Eight people hospitalized following protests in Tbilisi

Demonstrators fighting riot police in Tbilisi, Georgia
Demonstrators fighting riot police in Tbilisi, Georgia

Eight demonstrators have been hospitalized in the Georgian capital of Tbilisi following protests against the so-called ‘foreign agents bill’, the Radio Free Europe / Radio Liberty media project Echo of the Caucasus reported on May 2, citing a statement by the Georgian Ministry of Health.

<span class="copyright">REUTERS/Irakli Gedenidze</span>
REUTERS/Irakli Gedenidze

People were hospitalized with injuries of various types, as well as with intoxication and respiratory tract complications.

One of them has already been discharged, while seven are still receiving treatment, Georgian officials claimed.

20 medical teams are on duty near the country's parliament building where the protests are taking place, providing assistance to demonstrators who complain of headaches and eye irritation.

<span class="copyright">REUTERS/Irakli Gedenidze</span>
REUTERS/Irakli Gedenidze

Read also: Pro-Russian Georgian authorities furious over European Parliament's anti-'foreign agents' resolution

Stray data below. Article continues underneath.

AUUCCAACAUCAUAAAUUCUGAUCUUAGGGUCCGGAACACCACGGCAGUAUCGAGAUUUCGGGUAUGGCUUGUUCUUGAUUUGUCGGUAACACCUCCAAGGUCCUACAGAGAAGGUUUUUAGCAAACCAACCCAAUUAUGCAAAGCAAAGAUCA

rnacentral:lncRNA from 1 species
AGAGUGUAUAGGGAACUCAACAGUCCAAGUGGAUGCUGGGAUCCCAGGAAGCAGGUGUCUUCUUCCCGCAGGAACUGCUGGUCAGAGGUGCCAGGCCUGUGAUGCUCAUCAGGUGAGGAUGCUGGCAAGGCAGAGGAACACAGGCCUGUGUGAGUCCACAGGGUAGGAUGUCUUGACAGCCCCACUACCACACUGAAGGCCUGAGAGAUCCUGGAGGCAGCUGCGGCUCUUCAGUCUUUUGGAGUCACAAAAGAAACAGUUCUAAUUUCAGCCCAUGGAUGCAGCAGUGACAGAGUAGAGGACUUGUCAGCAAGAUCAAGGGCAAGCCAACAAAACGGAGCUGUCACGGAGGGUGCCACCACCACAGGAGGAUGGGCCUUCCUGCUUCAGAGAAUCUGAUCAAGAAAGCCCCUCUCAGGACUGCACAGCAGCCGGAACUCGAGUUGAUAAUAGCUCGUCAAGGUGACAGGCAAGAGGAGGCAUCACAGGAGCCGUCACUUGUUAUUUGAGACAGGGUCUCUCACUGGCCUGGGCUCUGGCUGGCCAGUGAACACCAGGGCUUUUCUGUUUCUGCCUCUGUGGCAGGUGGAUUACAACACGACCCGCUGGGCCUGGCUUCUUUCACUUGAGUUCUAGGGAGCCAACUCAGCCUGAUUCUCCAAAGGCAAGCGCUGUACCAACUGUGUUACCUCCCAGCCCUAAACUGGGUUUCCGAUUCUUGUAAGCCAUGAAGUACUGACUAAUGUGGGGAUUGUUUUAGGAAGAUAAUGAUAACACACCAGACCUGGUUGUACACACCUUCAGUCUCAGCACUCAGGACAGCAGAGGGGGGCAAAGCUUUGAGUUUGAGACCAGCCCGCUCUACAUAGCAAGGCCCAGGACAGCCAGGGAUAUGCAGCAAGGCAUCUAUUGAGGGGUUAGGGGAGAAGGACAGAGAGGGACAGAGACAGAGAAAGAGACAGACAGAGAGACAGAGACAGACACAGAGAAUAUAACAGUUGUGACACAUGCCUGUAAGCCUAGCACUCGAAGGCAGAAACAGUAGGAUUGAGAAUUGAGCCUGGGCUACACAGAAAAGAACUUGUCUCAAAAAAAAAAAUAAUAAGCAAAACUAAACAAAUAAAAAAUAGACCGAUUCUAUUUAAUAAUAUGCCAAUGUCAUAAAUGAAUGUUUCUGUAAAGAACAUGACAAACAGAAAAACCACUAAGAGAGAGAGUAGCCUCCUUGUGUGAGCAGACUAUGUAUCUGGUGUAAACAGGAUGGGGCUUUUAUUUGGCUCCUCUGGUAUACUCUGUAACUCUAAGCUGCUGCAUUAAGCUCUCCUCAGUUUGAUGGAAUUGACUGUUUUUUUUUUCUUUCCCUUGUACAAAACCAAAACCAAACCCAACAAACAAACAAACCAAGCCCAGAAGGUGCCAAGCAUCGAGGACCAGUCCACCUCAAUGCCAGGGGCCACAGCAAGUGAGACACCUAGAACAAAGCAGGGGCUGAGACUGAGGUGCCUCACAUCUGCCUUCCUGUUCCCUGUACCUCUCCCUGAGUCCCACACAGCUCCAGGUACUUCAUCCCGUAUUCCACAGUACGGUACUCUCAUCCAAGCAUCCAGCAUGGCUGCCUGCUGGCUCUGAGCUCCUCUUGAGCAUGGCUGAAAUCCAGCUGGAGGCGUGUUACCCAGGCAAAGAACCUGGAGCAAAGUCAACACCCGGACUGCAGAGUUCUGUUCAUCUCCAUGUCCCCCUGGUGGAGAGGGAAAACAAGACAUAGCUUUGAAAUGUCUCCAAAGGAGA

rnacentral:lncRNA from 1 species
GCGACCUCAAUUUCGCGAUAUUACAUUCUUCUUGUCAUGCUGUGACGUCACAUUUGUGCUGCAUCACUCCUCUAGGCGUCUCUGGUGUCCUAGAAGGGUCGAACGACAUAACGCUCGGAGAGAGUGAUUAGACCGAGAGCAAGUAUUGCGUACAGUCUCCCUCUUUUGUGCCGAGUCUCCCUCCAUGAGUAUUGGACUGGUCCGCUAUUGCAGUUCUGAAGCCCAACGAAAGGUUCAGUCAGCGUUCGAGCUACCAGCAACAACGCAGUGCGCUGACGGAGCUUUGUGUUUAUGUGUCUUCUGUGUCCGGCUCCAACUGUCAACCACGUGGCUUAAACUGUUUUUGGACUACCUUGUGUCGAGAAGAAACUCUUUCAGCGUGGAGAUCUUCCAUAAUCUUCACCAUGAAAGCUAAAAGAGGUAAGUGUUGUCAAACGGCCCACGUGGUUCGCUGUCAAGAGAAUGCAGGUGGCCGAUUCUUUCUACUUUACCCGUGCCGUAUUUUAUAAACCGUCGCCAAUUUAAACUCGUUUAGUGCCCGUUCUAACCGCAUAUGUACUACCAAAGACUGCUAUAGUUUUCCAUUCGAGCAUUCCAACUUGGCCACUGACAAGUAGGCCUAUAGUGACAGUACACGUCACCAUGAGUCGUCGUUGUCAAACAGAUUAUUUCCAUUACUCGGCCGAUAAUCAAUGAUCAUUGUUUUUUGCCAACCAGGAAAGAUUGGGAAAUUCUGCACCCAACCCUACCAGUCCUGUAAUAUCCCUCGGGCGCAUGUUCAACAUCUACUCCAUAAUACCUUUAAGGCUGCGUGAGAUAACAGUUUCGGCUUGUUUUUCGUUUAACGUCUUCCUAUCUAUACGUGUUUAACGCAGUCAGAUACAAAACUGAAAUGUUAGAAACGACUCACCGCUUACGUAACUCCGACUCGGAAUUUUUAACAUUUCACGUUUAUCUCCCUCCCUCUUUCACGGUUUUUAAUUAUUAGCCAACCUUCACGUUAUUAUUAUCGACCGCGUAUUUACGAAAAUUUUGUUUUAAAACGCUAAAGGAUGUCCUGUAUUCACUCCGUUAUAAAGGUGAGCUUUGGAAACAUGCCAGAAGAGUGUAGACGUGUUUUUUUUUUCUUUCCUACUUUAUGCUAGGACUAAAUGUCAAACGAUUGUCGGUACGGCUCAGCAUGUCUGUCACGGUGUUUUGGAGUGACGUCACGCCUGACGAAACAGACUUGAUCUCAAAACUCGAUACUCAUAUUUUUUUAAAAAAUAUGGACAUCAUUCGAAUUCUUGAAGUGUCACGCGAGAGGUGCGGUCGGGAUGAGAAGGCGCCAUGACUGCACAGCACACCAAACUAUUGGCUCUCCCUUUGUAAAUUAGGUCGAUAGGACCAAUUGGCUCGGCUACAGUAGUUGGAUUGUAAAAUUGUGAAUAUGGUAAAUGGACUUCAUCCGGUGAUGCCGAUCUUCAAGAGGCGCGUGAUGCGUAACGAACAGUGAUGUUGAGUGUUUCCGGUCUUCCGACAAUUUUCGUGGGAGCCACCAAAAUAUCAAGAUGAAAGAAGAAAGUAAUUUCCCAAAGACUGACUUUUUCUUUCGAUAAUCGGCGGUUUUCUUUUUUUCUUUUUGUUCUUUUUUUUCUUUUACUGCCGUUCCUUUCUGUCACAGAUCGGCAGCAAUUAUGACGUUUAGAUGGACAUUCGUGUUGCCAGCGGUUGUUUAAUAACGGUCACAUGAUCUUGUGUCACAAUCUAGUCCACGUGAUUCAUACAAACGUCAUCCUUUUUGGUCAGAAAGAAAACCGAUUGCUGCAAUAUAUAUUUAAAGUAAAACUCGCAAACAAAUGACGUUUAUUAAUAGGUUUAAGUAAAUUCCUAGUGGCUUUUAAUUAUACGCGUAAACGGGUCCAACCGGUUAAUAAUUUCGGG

The "foreign agents" bill and protests in Georgia

A wave of mass protests broke out in Georgia on April 9, after Mamuka Mdinaradze, the leader of the Georgian Dream majority party, announced that his party would re-submit a bill on "foreign agents" to parliament.

The "Foreign Agents" bill is supposed to protect Georgia from "Ukrainization", Gerogian Prime Minister Iraklii Kobakhidze said on April 18.

Civil society activists have noted that the bill's language is almost identical to language used in an analogous law in Russia, which has been used to persecute and suppress civil society, media, and non-governmental organizations.

The law would be scrapped or rewritten should the EU say that Georgia is ready to become a member, the leader of Georgian Dream said on April 20.

The European Parliament adopted a resolution on the Georgian bill on April 25. The document calls into question negotiations on Georgia's accession to the European Union so long as this law is in effect.

Georgian President Salomé Zourabichvili promised to veto the bill.

The Georgian Parliament adopted the bill in the first reading on April 17.

Clashes broke out between police and demonstrators outside the Georgian parliament building on April 30.

Zourabichvili called for an end to the crackdown on protests in Tbilisi and placed responsibility for the events on the government.

Police have detained 60 protesters, accusing them of hooliganism and disobeying police orders. Six law enforcement officers were injured during the clashes, Georgia's Interior Ministry reported on May 1.

The Georgian parliament supported in the second reading the bill on "foreign agents" later on May 1. Thousands of people gathered again near the legislative building, and special forces once again deployed water cannons and tear gas.

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Read the original article on The New Voice of Ukraine